Together, the three organizations’ schools attracted in the region of $715 million in government support in 2010, or about 7 percent of the federal government’s total school allocation that year of $9.8 billion. (The bulk of public school expenditure is provided by state governments.)

Given the two countries’ historical parallels and constitutional similarities — Australia modeled its church-state separation phrases almost word for word on the U.S. First Amendment — Americans might well read the shape and extent of Australian public spending on creationist schools as a portent for their own future.

Public funding of religious private schools and increasing religious activity in public schools provide a warning about lack of vigilant protection of Australia’s once world-leading “free, compulsory and secular” public system.

Creationism with an Australian accent would not be the first time the U.S. followed Australia’s lead. On Jan. 29, 2001, George W. Bush established the Office of Faith-based and Community Initiatives — opening a channel for government money into religious organizations. Similar initiatives were already well underway in Australia.

In 1998, a junior minister (now prime minister), Tony Abbott, abolished the Commonwealth Employment Service, a government agency to help job seekers find work. It was replaced by private providers, who tendered for contracts. The lion’s share went to church agencies. Other government services followed, such that, in 2013, economist Paul Oslington estimated that “approximately half of all social services in Australia are delivered by church-related organizations, often through contracting-out arrangements with government.”

As well as diverting taxpayer funds to private institutions, Australia is letting far more religion into the public school system than has been permissible, at least so far, in the U.S. Lacking an equivalent of McCollum v. Board of Education (the 1948 Supreme Court case that disallowed religion classes in U.S. schools), most Australian states mandate volunteers to enter schools for up to one hour per week to offer “Special Religious Instruction.” In Victoria, the evangelical group that delivers more than 90 percent of such instruction receives government funding, but the mandated alternatives (Catholic, Orthodox, Jewish, Buddhist, Hindu, Sikh, Bahá’i) do not.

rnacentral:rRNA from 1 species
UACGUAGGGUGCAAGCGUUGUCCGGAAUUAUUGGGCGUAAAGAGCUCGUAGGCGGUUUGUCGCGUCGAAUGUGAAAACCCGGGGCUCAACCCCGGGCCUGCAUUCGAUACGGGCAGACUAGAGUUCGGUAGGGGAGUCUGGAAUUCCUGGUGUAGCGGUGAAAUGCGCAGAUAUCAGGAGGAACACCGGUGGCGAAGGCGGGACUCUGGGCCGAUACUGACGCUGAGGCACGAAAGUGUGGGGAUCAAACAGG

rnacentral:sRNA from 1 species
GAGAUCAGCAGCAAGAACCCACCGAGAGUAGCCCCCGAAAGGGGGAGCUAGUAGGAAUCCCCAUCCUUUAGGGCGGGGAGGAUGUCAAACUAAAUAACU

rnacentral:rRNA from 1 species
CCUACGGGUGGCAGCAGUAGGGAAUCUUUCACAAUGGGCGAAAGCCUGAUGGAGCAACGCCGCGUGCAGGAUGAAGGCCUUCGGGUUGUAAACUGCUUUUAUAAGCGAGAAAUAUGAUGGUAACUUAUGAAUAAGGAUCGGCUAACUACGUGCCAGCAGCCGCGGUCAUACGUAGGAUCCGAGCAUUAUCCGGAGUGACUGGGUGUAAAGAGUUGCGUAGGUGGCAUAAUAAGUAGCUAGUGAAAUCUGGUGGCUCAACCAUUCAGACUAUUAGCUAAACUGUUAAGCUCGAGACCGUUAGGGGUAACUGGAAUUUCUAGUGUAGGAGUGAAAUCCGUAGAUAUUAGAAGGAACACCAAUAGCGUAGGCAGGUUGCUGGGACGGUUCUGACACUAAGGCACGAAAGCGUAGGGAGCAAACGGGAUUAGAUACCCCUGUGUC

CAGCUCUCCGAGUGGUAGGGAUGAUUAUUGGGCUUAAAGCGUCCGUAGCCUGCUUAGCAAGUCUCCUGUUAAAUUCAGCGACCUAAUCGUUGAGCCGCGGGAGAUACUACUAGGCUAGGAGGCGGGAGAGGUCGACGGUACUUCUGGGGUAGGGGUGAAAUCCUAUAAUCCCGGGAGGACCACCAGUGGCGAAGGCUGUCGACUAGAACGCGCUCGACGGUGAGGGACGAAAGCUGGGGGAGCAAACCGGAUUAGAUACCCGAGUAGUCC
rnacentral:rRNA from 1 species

In 2006, the Australian government instituted a National School Chaplaincy Program, under which both public and private schools could apply for up to $17,880 per year for a chaplain. Over 70 percent of the chaplains went to public schools, and over 90 percent of those were supplied through conservative evangelical Christian organizations.

Controversies associated with the program include a Queensland incident in 2011 when a public school chaplain arranged a lecture by Ken Ham’s CSF co-founder John Mackay, billed as a “science presentation examining the evidence for the Biblical account of Creation.”

Subsequently, schools gained the option to employ a secular “student welfare worker” instead of a chaplain, a move opposed by the conservative education spokesperson, Christopher Pyne, recently returned to government as education minister, who has stated his preference for chaplains alone.

In the U.S., charters, vouchers and tax credits divert taxpayer funds to creationist schools.Revised curriculum standards and so-called  academic freedom acts sanction religiously inflected public school curriculum, while school prayer and sport chaplains mark border skirmishes in the religion-state tussle.

Australia’s whittled-back religion-state boundaries are a reminder of the many  paths evangelizers find, especially in today’s deregulated education markets.

Watch for more imports with Ken Ham’s ascent.